“‘Shall I bring to the time of birth, and not cause delivery?’ says the Lord.” Isaiah 66: 9. This prophecy was fulfilled when Israel became a nation once again. On November 29th, 1947, the United Nations proposed dividing a part of the Palestinian Mandate into two states, one with a majority of Arabs and the other with a Jewish majority, while Jerusalem would be an international zone.
The Arabs rejected the plan but, in the words of the Israeli general, Moshe Dayan, after “two thousand years of exile from the land of Israel [despite] persecutions, the Spanish Inquisition, pogroms, anti-Jewish decrees, restrictions, and the mass slaughter by the Nazis in our own generation… [Judaism] reached the fulfillment of its age-old yearning—the return to a free and independent Zion… We danced—but we knew that ahead of us lay the battlefield.”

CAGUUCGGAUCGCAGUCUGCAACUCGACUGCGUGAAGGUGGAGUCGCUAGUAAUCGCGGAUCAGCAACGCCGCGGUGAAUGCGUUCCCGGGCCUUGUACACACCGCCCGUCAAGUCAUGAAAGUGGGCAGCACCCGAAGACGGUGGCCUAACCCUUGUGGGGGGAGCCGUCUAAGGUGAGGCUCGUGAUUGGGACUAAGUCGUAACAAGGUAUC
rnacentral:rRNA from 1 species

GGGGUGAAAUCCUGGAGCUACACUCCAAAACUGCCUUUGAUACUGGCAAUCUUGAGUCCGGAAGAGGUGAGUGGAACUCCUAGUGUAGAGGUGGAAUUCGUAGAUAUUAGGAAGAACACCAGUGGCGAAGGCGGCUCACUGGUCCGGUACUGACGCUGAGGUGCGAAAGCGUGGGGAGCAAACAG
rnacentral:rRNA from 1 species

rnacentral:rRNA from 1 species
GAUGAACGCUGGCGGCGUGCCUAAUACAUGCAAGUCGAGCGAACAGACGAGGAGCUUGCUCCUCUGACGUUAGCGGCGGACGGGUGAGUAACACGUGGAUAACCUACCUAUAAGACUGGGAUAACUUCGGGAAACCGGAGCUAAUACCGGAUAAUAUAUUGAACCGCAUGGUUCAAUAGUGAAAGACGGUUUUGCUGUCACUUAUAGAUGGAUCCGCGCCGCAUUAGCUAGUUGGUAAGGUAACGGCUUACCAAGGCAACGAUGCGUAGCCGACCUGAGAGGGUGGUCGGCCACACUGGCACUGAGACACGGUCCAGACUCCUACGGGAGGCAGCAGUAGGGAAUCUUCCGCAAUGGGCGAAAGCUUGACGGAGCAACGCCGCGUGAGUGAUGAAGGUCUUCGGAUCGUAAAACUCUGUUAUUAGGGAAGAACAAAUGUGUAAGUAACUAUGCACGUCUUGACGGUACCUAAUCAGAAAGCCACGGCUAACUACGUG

Within days guerilla gunfights erupted between Palestinian Arabs and Jews. The British, who were still in charge of Palestine, could not control the violence. Supported by Arab forces from Syria, Lebanon, and Transjordan, there were frequent terrorist attacks on isoloated Jewish settlements, Jewish-owned shops, buses and even ambulances, with sniper attacks on unarmed civilians. 6000 Jews died in this period, 1% of the Jewish population of Palestine. The Jewish authorities denounced retaliatory terrorist activity by dissident Jewish gangs, but sanctioned reprisals against individual Arabs who attacked Jews.
Effective counter-attacks made Arabs gradually withdraw from parts of the country, and the Jews took possession. David Ben-Gurion prophesied that this trend would continue and there would be “great changes in the composition of the country.”
In April 1948 Zionist forces went on the offensive and within weeks captured most of the territory that had been allotted to them by the United Nations, while Arabs evacuated their homes and the British forces gradually withdrew. On May 15th the British left Palestine, for good.